Abraham asks God to spare a sinful city - Catholic Courier

Abraham asks God to spare a sinful city

Abraham asks God to spare a sinful city
Bible Accent
Saint for Today: St. Maximilian Kolbe
Puzzle

Abraham asks God to spare a sinful city

Abraham had pitched his tent near an oak tree in Mamre. It was very hot in the desert where he and his wife, Sarah, were living.

On one of these very hot days, he sat in the entrance of his tent. Suddenly, he noticed three men standing nearby.

Abraham rushed out to greet the men. He didn’t know it yet, but these travelers were actually God and two of his angels.

Abraham asked the men to sit under the shade of the oak tree and rest. He gave them cool water in which to bathe their feet and also asked them to stay for a meal.

The men agreed.

As the men were eating, God told Abraham that in a year’s time, Sarah would have a baby. Sarah overhead and laughed to herself, because she and her husband were very old and couldn’t have children.

But God heard Sarah’s thoughts. “Is anything too marvelous for the Lord to do?” he asked Abraham.

After they finished eating, God and his angels got ready to leave. They planned to visit the wicked cities of Sodom and Gomorrah.

“The outcry against Sodom and Gomorrah is so great, and their sin so grave, that I must go down to see whether or not their actions are as bad as the cry against them that comes to me,” God said.

Abraham thought about his nephew, Lot, and his family, who were living in Sodom. They all were righteous people.

“Suppose there were fifty righteous people in the city; would you really sweep away and not spare the place for the sake of the fifty righteous people within it?” Abraham asked God.

“If I find fifty righteous people in the city of Sodom, I will spare the whole place for their sake,” the Lord replied.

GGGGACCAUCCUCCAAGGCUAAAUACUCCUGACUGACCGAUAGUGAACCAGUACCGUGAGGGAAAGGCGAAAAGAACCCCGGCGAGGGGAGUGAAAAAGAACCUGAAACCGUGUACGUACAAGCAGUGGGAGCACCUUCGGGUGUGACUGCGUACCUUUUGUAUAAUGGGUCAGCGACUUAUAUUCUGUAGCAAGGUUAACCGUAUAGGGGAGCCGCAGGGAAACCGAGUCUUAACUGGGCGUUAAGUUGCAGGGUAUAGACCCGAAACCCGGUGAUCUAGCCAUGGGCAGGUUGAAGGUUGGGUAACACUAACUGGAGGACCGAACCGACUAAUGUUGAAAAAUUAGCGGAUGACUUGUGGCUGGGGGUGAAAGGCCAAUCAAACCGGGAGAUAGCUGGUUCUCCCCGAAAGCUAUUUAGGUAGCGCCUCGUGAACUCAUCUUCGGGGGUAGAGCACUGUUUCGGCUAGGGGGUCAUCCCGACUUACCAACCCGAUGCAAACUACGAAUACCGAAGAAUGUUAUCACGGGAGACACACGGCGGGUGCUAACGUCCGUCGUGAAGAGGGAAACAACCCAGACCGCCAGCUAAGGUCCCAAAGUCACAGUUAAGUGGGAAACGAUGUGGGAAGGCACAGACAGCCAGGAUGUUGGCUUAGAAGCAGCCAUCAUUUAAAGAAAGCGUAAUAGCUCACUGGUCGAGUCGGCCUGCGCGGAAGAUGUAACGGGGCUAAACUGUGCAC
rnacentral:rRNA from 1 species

Abraham asked the same question a few more times, each time decreasing the number of righteous people that needed to be found for Sodom to be spared. Finally, he asked if the city would be spared if 10 righteous people were found.

God said that for the sake of the 10, he would not destroy it.

The Lord left when he was finished speaking, and Abraham returned home.

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Genesis 18

Q&A

1. Who were the three men who visited Abraham?

2. What was God going to do to the wicked cities?

Bible Accent: Hospitality

In biblical times, showing hospitality to strangers wasn’t just an exercise in good manners. It was a very sacred duty.

The lands in which the Israelites lived were very hot. Cities were spread far apart, and people had to travel through deserts, and sometimes through lands that belonged to their enemies. If people ran out of food and water on their journeys, or if they were not protected from their enemies, they ran the risk of dying. So showing hospitality was sometimes a matter of life and death.

God always wanted his people to show hospitality to travelers or the strangers living among them. That’s why he made hospitality part of the Mosaic law. In Leviticus 19, he commanded his people to show kindness and care toward strangers, because they, too, were once strangers living in a foreign land.

In the New Testament, Jesus depended on the hospitality of others, for as Matthew 8:20 tells us, he had “nowhere to rest his head.” Jesus told his disciples to stay with hospitable people when they were sent on mission.

And, as Hebrews 13:2 reminds us, “Do not neglect hospitality, for through it some have unknowingly entertained angels.”

Saint for Today: St. Maximilian Kolbe

St. Maximilian Kolbe was born in Poland in 1894. He entered the Conventual Franciscans at age 13 and was ordained in 1918. He was influenced by a vision of Mary that he had when he was 10, and he worked to create a “Militia of Mary Immaculate.”

When the Germans captured Poland during World War II, the saint was arrested and released, then rearrested and sent to Auschwitz. In 1941, when 10 prisoners were to be killed after being caught trying to escape the concentration camp, Maximilian offered to die in place of one of the men, who had a family.

We honor him on Aug. 14.

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